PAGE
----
The , the and will be drop off points to recycle plastic caps from items such as shampoo and soda bottles in the village for a new program promoted by the Friends of the Library called "Caps Off to Port Jefferson."
The caps are usually made from polypropylene plastic, categorized as a number five plastic in recycling programs. Number five plastic is not accepted by Brookhaven Town for recycling, which only accepts number one and two plastics according to the town’s website. The caps will be taken to a special recycling center in West Babylon where they will be made into packaging by Aveda, a company that makes cosmetics and hair care products.
The idea to promote recycling the plastic caps came when Linda Gavin from the Port Jefferson Library and Ron Schlumpf from Arame Salon and Spa both struck up a conversation at a meeting.
Gavin was watching a local news program when she saw a report about a school that had conducted a recycling drive to collect the number five plastic caps. Schlumpf, as the owner of a salon, knew about the recycling program through his business relationship with Aveda, which turns the caps into packaging for its products.
The two then conspired to start a plastic cap recycling program in the village. The program is promoted by the Friends of the Library, a nonprofit organization that runs the used bookstore on East Main Street and raises money to support the library in its mission.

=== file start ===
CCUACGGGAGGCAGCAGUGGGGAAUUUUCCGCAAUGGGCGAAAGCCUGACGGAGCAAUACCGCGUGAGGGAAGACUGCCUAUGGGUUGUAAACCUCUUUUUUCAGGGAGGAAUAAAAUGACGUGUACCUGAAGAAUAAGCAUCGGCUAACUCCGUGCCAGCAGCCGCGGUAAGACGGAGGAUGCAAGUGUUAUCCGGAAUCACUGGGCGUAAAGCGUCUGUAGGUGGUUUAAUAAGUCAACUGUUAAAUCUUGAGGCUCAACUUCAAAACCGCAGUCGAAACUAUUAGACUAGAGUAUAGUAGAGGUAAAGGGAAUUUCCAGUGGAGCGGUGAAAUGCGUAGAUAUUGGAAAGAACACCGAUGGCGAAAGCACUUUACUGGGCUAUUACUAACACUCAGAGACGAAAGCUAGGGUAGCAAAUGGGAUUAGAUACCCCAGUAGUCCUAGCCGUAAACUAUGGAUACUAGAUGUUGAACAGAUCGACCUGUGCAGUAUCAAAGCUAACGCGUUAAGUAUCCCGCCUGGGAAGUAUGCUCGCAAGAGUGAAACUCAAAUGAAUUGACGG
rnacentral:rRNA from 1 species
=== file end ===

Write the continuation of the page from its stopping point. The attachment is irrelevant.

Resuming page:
Gavin said that she was looking for another way to get the library involved in the green movement. She enlisted the help of the library’s Teen Center for the kids to filter through the buckets of caps that have been dropped off to make sure they are the correct recyclable items.
“I wanted the kids to make them feel useful and not just dropping water bottle caps into a bucket,” said Gavin.
For the effort the kids will get a community service credit.
“We like to keep the kids focused on new things,” she said.
Schlumpf has volunteered to periodically take the collected caps over to the recycling center, ACA Waste Services in West Babylon.
“Whether you have a bag or an 18-wheeler they’ll take it,” he said. “Aveda picks it up and makes it into product packaging.”
The library sent out a chart with its monthly newsletter showing the caps they take for recycling and the ones that they don’t accept. Milk, soda, shampoo, detergent and pharmaceutical bottle caps are on the good list of caps acceptable for recycling. Yogurt, margarine, spray pump and metal bottle caps are examples of caps they will not recycle through this program. There is also a chart available on Aveda’s website.